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With the coming impeachment vote in the House and a possible trial in the Senate, the U.S. has reached a rare defining moment.
Toward the start of the Federalist No. 1, Alexander Hamilton wrote some of the most memorable words in his prolific career:
It has been frequently remarked that it seems to have been reserved to the people of this country, by their conduct and example, to decide the important question, whether societies of men are really capable or not of establishing good government from reflection and choice, or whether they are forever destined to depend for their political constitutions on accident and force. If there be any truth in the remark, the crisis at which we are arrived may with propriety be regarded as the era in which that decision is to be made; and a wrong election of the part we shall act may, in this view, deserve to be considered as the general misfortune of mankind.
In the Federalist No. 65, Hamilton explained that impeachment is designed for offenses proceeding “from the abuse or violation of some public trust. They are of a nature which may with peculiar propriety be denominated POLITICAL, as they relate chiefly to injuries done immediately to the society itself.”
That explanation was designed to assure We the People that their president, repository of the executive power, would not be a king. The founders rejected the idea that a limited four-year term and the need for re-election are adequate safeguards against the rise of a kind of elected monarch.
In the founding era, the phrase “high crimes and misdemeanors” had a concrete meaning. It referred to egregious abuses of authority, whether or not they amounted to violations of the criminal law.
At the Constitutional Convention, George Mason asked: “Shall any man be above Justice? Above all shall that man be above it, who can commit the most extensive injustice? . . . Shall the man who has practiced corruption & by that means procured his appointment in the first instance, be suffered to escape punishment, by repeating his guilt?”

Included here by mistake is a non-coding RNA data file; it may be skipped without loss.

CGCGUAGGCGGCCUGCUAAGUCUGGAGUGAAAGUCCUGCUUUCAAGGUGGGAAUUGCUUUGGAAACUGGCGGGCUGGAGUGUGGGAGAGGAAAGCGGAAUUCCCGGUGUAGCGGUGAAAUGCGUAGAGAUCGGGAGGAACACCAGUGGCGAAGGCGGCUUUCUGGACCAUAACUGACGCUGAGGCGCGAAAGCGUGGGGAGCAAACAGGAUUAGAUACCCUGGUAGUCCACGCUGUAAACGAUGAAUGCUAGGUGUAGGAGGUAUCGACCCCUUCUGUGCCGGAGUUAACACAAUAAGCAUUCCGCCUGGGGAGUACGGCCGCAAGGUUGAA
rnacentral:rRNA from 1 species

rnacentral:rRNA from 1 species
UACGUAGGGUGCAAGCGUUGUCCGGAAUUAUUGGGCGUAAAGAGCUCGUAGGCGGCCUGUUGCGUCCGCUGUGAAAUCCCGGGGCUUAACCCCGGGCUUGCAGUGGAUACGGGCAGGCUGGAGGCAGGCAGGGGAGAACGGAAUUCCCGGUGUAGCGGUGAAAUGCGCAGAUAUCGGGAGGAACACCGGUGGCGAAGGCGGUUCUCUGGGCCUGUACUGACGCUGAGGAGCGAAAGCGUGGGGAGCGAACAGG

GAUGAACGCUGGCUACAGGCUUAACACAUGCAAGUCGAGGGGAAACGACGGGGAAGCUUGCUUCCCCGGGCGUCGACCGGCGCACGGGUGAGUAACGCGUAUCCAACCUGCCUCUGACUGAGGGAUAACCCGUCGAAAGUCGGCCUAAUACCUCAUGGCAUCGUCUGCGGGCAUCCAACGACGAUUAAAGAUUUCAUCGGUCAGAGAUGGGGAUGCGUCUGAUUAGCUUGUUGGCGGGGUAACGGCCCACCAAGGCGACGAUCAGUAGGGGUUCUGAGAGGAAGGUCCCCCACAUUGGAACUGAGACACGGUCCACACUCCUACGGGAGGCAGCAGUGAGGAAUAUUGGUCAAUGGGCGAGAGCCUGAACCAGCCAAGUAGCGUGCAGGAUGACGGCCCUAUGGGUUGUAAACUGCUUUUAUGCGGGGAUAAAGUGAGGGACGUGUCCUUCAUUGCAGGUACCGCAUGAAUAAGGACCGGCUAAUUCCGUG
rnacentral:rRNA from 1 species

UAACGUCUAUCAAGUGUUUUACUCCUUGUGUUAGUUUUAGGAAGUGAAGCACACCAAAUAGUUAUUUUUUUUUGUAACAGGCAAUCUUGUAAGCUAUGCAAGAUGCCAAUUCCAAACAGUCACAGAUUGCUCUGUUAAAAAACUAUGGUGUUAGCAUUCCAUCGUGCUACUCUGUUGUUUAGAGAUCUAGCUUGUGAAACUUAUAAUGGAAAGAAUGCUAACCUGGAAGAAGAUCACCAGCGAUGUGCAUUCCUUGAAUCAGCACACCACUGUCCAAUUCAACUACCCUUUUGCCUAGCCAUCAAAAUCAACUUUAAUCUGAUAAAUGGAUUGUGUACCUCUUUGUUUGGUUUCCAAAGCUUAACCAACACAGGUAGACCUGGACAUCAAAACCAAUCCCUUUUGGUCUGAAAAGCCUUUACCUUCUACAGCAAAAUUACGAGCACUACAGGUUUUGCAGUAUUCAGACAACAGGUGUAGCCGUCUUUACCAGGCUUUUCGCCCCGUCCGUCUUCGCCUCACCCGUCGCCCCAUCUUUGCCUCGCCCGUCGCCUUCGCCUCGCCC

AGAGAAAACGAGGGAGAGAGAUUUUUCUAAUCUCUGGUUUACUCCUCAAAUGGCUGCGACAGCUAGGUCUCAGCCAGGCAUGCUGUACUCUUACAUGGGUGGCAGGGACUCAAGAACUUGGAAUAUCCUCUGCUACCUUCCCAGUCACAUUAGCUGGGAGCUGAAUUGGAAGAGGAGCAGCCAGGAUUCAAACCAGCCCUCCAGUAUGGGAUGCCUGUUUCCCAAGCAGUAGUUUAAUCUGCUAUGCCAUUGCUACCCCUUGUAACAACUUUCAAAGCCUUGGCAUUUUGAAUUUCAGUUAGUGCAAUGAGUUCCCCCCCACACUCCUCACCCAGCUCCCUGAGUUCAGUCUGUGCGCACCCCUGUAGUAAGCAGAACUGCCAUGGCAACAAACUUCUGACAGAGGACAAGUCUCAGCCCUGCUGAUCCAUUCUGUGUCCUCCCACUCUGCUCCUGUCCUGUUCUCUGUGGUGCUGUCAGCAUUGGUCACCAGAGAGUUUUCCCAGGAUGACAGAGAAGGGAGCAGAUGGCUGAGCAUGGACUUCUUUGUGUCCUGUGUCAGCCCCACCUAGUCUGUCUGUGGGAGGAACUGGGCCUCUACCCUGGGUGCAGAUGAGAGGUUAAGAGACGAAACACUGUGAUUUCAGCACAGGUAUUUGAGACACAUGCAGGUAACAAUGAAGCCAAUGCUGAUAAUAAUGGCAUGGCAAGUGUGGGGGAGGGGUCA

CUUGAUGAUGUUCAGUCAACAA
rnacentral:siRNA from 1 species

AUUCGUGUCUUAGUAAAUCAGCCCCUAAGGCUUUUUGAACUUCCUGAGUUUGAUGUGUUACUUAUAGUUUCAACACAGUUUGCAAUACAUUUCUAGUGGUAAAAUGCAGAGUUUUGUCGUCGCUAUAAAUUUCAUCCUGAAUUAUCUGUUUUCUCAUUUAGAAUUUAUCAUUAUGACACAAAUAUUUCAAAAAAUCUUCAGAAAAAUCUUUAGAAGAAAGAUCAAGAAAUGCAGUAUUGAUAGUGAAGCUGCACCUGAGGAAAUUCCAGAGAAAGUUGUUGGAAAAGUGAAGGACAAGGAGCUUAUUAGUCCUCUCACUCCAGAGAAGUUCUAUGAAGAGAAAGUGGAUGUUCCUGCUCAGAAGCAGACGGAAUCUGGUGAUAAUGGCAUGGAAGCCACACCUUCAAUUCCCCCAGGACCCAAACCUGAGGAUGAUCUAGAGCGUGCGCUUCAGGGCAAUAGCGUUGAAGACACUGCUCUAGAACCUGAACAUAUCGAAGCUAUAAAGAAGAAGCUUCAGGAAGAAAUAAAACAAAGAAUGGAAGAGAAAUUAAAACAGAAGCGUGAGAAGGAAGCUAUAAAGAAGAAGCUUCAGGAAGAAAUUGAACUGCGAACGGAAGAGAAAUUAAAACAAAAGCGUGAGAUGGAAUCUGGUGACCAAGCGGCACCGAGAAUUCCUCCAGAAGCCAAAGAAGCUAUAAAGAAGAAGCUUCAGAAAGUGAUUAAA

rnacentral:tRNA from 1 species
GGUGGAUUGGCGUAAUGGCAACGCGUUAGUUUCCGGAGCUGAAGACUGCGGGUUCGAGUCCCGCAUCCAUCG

In the crucial Virginia ratifying convention, James Madison made it clear that an abuse of the pardon power would be impeachable. Madison also said that the president would be impeachable if he “violated the interest of the nation.” More specifically, he emphasized that if the president sought to secure ratification of a treaty by summoning a small number of states, and thus injured other, unrepresented states, “he would be impeached and convicted, as a majority of states would be affected by his misdemeanor.”
The example reflects a broader principle: If the president is working with another nation in a way that harms the United States, he is committing a “misdemeanor,” even if no violation of the criminal law is involved.
At the North Carolina ratifying convention, James Iredell said that the “president must certainly be impeachable for giving false information to the Senate.”
He added that “it is his duty to impart to the Senate every material intelligence he receives” and suggested that he would be impeached “[if] it should appear that he has not given them full information, but has concealed important intelligence which he ought to have communicated, and by that means induced them to enter into measures injurious to their country, and which they would not have consented to had the true state of things been disclosed to them.”